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    Whilst travelling in Botswana you can experience the extremes of nature; lushness of the Okavango Delta to the dry starkness of the Makgadikgadi salt pans.  It is of course home to the famous Chobe National Park.  This is wildlife at its best. Enjoy a cruise on the Chobe River within close proximity to the wildlife – an experience that shall never be forgotten!

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    About Botswana

    Official Name: Republic of Botswana

    Population:  2.25 million

    Land Area:   600,370 square km

    Capital:  Gaborone

    Currency:  Botswana pula AUD 1 = BWP 7.4 (Botswana Pula; calculated 18 June 2019).
    US dollars are often accepted at hotels or as tips.

    Time:   2 hours ahead of GMT

    Language:  English is the official language with Setswana the national language

    Schooling:  As of 2001, 86% of children who started primary school were likely to reach grade 5. In Botswana education system, girls and boys have equal access to education. Girls, however, are likely to drop out of secondary school due to pregnancy. Secondary education is neither free nor compulsory.

    Agriculture:  With its hot climate, many regions of Botswana have little rain and agriculture can be affected by severe droughts. Crops grown for domestic consumption here include sorghum and maize and roots or tubers such as sweet potatoes. On a larger scale, Livestock farming, primarily beef, is also farmed.

    Key Industries:  Botswana is a wealthy country by African standards. It contains extensive mineral resources such as the Jwaneng Diamond Mine, the richest in the world, which was found when termites pushed specks of diamond to the surface. Tourism and livestock farming are also key industries.

    Health Tips:  Botswana is not listed as infected with cholera at present. Malaria risk exists from November to May / June in northern parts of the country including Chobe and Okavango. Yellow fever does not occur in Botswana however a yellow fever certificate is required from travellers over 1 year of age coming from or having passed through areas with risk of yellow fever transmission.  For up to date travel advice refer to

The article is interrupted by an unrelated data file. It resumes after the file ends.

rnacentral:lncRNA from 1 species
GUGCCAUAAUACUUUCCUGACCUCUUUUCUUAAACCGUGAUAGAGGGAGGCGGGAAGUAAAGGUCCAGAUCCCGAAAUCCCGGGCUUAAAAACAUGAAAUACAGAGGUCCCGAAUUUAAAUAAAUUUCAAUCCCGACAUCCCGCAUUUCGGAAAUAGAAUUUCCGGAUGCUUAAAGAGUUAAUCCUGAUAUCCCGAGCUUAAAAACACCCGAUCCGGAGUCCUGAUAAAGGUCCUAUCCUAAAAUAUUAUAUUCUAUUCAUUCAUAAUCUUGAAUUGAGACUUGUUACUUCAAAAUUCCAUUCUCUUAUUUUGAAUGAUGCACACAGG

Geography & Climate:  During the coolest winter months of June and July, temperatures average around 25°C in the daytime. But they can dip well below freezing at night where there is no cloud cover. In the wet summer months of January and February, daytime temperatures are moderated by cloud to between 20°C-30°C, but clear skies can see temperatures soar to 40°C

    Botswana is landlocked by South Africa in the South, Namibia to the west and north, Zimbabwe to the northeast and Zambia to the north.

    Over 10% of the population live in the capital city of Gaborone.

    Botswana became independent in 1966 and is the oldest democratic state in Africa.  First President Sir Seretse Khama is credited with increasing prosperity and is known as the George Washington of Africa with his efforts to bring racial harmony.

    The country is predominantly flat, tending towards gently rolling tableland.  Botswana is dominated by the Kalahari Desert a semi-arid sandy expansewhich covers up to 70% of its land surface.

    The Okavango Delta in the northwest, is a complete contrast to the desert; an oasis in an arid country.  Fed by the Okavango River’s annual floodwater, the vast 7000 square km delta supports a wide array of African wildlife from hippos to elephants in its water channels, lagoons and islands..  It is one of the worlds largest inland deltas and wilderness sanctuaries in Africa.  Approximately 11 cubic kilometers of water floods over the area, this water does not flow into any sea or ocean but evaporates and transpires over the year.  It  is a huge draw card for wildlife to congregate attracting animals from kilometers around creating both a permanent and seasonal home for a wide variety of mammals and birdlife  – some are not often seen elsewhere, such as sitatunga, wild dog, and wattled crane.

    The Makgadikgadi Pan the largest salt pan in the world and is found in the Kalahari Basin.  The most commonly visited are Sua, Ntwetwe and Nxai Pans. This region has a number of archaeological features and unusual landmarks such as rocky outcrops and Baobab trees. This is a perfect spot to observe the gorgeous meerkat.

    Chobe Region is home to an abundance of wildlife and serves as the rendezvous point for four countries: Zimbabwe, Zambia, Botswana, and Namibia. Rising in the Angolan highlands, the Chobe River is flanked by riverine forests, floodplains and open woodlands. The best time to visit the Chobe River is during Botswana’s dry season – April to October – when game regularly seen include herds of elephant and buffalo, many antelope and classic plains game species, plus a full range of predators – lion, crocodile, cheetah, leopard and spotted hyena. The Chobe River meets the Zambezi River at a place called Kazungula (meaning small sausage tree). If elephants make your heart flutter, the largest concentration of African Elephants in the world can be found at Chobe National Park.  Four of the Big Five can also be found at the 11,000 square National Park, minus the Rhino (very rarely spotted here).

    Botswana has diverse areas of wildlife habitat.  In addition to the delta and desert areas, there are grasslands and savannahs where Blue Wildebeest, antelopes, African Buffalo, Giraffe, Lion, Kudu, Black and White Rhinoceros and many more varieties are found.

    The Botswana Government have announced their intention to ban the use of plastic carrier bags effective from the 1st of November 2018. Guests travelling to Botswana should be aware of this and are advised to not carry plastic bags into the country. The proposed fine for carrying plastic bags will be US$500.